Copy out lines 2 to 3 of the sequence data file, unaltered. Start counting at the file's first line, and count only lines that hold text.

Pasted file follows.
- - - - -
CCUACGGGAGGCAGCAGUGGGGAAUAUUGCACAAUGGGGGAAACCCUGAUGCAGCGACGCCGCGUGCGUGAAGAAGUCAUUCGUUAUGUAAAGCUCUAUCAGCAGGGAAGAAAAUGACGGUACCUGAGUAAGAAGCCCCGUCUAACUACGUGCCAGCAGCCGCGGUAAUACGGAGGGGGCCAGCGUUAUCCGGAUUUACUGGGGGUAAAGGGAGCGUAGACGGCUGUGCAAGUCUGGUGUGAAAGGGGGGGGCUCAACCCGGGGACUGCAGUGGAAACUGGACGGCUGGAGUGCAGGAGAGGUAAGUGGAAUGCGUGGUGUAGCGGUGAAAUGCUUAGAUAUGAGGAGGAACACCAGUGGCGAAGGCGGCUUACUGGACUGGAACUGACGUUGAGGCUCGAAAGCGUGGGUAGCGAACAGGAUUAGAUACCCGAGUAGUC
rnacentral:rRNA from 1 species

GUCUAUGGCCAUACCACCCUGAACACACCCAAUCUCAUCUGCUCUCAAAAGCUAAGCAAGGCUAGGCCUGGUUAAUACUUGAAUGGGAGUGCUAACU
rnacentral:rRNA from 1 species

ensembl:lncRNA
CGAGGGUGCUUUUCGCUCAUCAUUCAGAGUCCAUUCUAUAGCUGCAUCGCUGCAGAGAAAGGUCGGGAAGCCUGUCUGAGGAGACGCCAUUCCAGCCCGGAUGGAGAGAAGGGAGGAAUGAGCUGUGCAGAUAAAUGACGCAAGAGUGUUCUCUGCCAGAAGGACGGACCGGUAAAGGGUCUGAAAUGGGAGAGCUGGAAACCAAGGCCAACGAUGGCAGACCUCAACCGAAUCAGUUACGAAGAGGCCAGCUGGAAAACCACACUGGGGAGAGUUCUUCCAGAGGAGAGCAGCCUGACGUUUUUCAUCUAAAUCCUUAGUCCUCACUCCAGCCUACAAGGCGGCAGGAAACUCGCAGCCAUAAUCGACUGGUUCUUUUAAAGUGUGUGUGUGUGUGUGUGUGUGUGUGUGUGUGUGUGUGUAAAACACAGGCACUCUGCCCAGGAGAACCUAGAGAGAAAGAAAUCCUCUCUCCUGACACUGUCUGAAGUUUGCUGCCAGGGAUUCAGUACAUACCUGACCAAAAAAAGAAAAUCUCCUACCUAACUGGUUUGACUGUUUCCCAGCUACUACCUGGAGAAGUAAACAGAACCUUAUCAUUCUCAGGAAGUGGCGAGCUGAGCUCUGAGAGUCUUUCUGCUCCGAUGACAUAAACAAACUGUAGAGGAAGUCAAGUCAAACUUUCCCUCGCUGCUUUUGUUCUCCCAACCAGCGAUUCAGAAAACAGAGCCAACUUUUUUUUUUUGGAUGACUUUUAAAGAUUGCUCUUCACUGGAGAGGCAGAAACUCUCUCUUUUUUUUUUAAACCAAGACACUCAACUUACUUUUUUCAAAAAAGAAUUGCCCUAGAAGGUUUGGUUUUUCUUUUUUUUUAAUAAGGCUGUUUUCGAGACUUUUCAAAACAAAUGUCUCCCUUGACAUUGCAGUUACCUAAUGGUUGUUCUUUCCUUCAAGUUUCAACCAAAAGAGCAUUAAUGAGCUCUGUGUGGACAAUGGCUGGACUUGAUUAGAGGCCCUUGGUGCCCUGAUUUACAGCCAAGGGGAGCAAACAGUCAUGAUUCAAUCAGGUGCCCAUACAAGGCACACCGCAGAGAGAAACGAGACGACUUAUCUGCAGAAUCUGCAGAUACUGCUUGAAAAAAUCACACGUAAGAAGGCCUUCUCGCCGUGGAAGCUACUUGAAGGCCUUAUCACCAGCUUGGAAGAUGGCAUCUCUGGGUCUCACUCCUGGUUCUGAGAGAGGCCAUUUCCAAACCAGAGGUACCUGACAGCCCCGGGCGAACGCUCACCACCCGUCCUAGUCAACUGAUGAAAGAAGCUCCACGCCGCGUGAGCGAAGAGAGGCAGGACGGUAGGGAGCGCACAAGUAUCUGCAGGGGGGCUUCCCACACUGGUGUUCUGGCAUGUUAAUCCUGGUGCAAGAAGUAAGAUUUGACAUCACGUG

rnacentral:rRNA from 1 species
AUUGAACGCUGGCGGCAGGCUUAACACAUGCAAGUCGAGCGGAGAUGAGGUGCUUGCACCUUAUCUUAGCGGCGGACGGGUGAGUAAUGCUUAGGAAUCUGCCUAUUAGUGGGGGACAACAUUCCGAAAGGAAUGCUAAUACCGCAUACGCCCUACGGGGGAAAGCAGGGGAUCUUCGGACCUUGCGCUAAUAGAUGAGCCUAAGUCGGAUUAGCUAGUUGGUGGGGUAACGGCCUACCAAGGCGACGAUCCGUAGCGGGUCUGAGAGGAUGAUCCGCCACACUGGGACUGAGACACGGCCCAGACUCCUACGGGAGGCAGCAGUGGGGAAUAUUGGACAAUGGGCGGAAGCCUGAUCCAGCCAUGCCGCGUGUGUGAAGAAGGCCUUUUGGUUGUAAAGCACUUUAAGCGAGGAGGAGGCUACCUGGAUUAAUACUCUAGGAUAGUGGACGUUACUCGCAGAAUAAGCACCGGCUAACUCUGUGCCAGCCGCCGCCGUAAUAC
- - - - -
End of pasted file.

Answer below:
rnacentral:rRNA from 1 species

GUCUAUGGCCAUACCACCCUGAACACACCCAAUCUCAUCUGCUCUCAAAAGCUAAGCAAGGCUAGGCCUGGUUAAUACUUGAAUGGGAGUGCUAACU